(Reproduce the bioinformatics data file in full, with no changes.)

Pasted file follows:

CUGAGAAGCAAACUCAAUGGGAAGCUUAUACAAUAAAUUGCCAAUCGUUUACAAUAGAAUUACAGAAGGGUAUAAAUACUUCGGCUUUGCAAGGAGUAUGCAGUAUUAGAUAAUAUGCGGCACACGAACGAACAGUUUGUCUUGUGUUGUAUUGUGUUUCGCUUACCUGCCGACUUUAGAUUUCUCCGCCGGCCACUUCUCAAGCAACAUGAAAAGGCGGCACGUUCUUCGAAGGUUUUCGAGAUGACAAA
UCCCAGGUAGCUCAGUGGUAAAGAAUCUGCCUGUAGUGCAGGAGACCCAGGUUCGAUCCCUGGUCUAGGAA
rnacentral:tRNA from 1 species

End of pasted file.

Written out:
CUGAGAAGCAAACUCAAUGGGAAGCUUAUACAAUAAAUUGCCAAUCGUUUACAAUAGAAUUACAGAAGGGUAUAAAUACUUCGGCUUUGCAAGGAGUAUGCAGUAUUAGAUAAUAUGCGGCACACGAACGAACAGUUUGUCUUGUGUUGUAUUGUGUUUCGCUUACCUGCCGACUUUAGAUUUCUCCGCCGGCCACUUCUCAAGCAACAUGAAAAGGCGGCACGUUCUUCGAAGGUUUUCGAGAUGACAAA
UCCCAGGUAGCUCAGUGGUAAAGAAUCUGCCUGUAGUGCAGGAGACCCAGGUUCGAUCCCUGGUCUAGGAA
rnacentral:tRNA from 1 species